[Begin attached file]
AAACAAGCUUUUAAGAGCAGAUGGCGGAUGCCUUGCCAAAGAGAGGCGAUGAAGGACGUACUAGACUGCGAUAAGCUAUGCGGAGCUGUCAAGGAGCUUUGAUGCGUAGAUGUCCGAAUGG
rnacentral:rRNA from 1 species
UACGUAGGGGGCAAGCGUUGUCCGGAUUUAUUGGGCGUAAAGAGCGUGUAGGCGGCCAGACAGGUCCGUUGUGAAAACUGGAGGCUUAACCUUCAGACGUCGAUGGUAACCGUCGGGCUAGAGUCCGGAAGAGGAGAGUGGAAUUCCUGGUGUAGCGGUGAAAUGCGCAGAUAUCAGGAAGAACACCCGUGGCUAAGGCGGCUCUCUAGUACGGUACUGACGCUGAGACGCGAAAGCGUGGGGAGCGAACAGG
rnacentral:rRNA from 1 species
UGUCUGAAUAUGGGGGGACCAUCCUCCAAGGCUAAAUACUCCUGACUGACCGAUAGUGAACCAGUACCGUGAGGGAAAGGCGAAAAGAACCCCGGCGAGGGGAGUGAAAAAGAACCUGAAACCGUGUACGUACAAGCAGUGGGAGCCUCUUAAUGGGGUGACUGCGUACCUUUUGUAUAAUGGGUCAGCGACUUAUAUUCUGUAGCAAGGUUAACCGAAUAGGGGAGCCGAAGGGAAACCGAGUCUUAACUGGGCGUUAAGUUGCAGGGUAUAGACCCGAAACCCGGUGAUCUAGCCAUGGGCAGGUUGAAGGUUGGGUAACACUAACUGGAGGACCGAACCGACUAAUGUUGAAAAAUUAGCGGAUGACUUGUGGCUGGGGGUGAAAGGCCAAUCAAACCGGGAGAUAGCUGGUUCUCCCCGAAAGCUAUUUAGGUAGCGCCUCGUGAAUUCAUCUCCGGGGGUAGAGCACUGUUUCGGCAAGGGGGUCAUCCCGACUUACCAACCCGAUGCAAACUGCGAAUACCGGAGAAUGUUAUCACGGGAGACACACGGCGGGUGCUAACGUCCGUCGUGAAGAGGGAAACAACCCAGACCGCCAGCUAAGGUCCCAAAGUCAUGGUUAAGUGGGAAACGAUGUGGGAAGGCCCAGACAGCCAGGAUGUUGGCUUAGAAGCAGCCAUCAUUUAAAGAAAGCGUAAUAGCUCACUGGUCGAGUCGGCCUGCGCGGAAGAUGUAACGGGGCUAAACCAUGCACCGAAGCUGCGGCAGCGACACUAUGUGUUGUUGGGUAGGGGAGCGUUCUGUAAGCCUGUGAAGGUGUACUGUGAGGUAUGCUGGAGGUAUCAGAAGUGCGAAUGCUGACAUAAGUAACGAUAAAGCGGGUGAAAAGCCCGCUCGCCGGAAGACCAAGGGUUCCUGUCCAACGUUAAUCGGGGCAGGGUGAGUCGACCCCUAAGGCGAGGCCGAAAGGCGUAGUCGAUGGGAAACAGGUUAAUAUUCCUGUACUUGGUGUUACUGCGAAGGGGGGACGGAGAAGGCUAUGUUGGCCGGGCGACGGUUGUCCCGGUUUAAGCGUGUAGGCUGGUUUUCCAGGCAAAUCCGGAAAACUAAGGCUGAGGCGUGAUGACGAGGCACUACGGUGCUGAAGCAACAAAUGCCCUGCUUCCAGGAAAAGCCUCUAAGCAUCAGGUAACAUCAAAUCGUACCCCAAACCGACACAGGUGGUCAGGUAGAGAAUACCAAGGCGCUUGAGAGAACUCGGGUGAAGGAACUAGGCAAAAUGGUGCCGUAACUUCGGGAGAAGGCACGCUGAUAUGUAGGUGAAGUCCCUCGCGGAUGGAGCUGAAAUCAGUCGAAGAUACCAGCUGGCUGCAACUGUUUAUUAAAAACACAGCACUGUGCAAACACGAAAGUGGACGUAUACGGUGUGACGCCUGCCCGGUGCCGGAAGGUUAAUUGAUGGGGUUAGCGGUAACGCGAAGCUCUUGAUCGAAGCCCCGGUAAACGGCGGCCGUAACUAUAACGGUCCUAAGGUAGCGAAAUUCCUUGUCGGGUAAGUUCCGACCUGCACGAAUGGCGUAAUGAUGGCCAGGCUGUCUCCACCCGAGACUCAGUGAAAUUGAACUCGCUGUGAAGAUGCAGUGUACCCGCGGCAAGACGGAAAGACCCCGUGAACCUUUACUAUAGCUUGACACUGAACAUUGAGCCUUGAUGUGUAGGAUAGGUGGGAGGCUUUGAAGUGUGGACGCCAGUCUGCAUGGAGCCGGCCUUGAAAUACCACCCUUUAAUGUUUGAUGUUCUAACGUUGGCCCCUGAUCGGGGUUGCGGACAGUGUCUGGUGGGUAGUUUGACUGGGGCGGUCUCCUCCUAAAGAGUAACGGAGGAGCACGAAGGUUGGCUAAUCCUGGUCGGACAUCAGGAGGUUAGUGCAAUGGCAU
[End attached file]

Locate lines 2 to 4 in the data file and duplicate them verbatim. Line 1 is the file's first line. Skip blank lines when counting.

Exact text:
rnacentral:rRNA from 1 species
UACGUAGGGGGCAAGCGUUGUCCGGAUUUAUUGGGCGUAAAGAGCGUGUAGGCGGCCAGACAGGUCCGUUGUGAAAACUGGAGGCUUAACCUUCAGACGUCGAUGGUAACCGUCGGGCUAGAGUCCGGAAGAGGAGAGUGGAAUUCCUGGUGUAGCGGUGAAAUGCGCAGAUAUCAGGAAGAACACCCGUGGCUAAGGCGGCUCUCUAGUACGGUACUGACGCUGAGACGCGAAAGCGUGGGGAGCGAACAGG
rnacentral:rRNA from 1 species